Can the benefits of data sharing be successfully achieved by law enforcement agencies tackling financial crime in a society that values the right to privacy?

Gilbert, Michael C. (2011) Can the benefits of data sharing be successfully achieved by law enforcement agencies tackling financial crime in a society that values the right to privacy? MSc dissertation, University of Portsmouth.

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    Abstract

    This dissertation examines whether the benefits of data sharing be successfully achieved by law enforcement agencies tackling financial crime in a society that values the right to privacy. In doing so, it examines the benefits of, and barriers to, data sharing by law enforcement and analyses the tensions between data sharing and privacy. The underlying research was based upon a literature review of relevant academic publications, primary interviews with those in law enforcement and related areas, and a documentary analysis of relevant UK Government publications since 1999.

    This research found that data sharing provides significant advantages to law enforcement. It aids crime prevention and detection, contributes to the estimation of sums lost to fraud in the UK annually, assists effective counter fraud investigations and helps to co-ordinate the response to pan national crimes such as computer fraud and money laundering (Boba, Weisburd and Meeker, 2009; Levi and Burrows, (2008); (Brookes, Moss and Pease, 2003; UK Attourney General’s Office, 2006; Maguire, Morgan and Reiner, 2007).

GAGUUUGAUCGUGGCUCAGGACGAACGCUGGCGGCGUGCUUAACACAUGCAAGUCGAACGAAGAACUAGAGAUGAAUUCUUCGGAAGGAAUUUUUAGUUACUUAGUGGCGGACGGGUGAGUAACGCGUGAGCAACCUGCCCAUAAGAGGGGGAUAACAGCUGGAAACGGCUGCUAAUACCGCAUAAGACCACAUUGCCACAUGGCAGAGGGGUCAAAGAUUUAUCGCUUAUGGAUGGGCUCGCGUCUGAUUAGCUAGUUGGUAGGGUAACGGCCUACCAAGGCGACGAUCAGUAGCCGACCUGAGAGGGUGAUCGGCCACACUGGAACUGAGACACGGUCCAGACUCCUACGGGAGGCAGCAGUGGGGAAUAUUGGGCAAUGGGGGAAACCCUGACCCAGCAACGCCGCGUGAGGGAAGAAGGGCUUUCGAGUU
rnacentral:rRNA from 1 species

However, data sharing has problems. It is hampered by complex legislation Department for Constiturional Affairs, (2003) and privacy and consent issues (Thomas and Walport, 2008). It also suffers from a lack of common data definitions and formats Boba et al, (2009), isolated information silos Kennedy, (2007) and insecure transmission methods (Smith, 2004). These have led to calls for improved leadership Brookes et al, (2003) and information governance (Smith, Seigleman and Swarup, 2008).

    This research found that the benefits of data sharing have been achieved by UK law enforcement when tackling financial crime. However, more remains to be done to simplify the framework within which such data sharing has taken place and create a consensual position where the benefits of information exchange are reconciled with a level of privacy intrusion that will be accepted by society.

    Item Type: Dissertation
    Departments/Research Groups: Faculty of Humanities and Social Sciences > Institute of Criminal Justice Studies
    Depositing User: Jane Polwin
    Date Deposited: 19 Dec 2011 13:47
    Last Modified: 28 Jan 2015 11:50
    URI: http://eprints.port.ac.uk/id/eprint/5691

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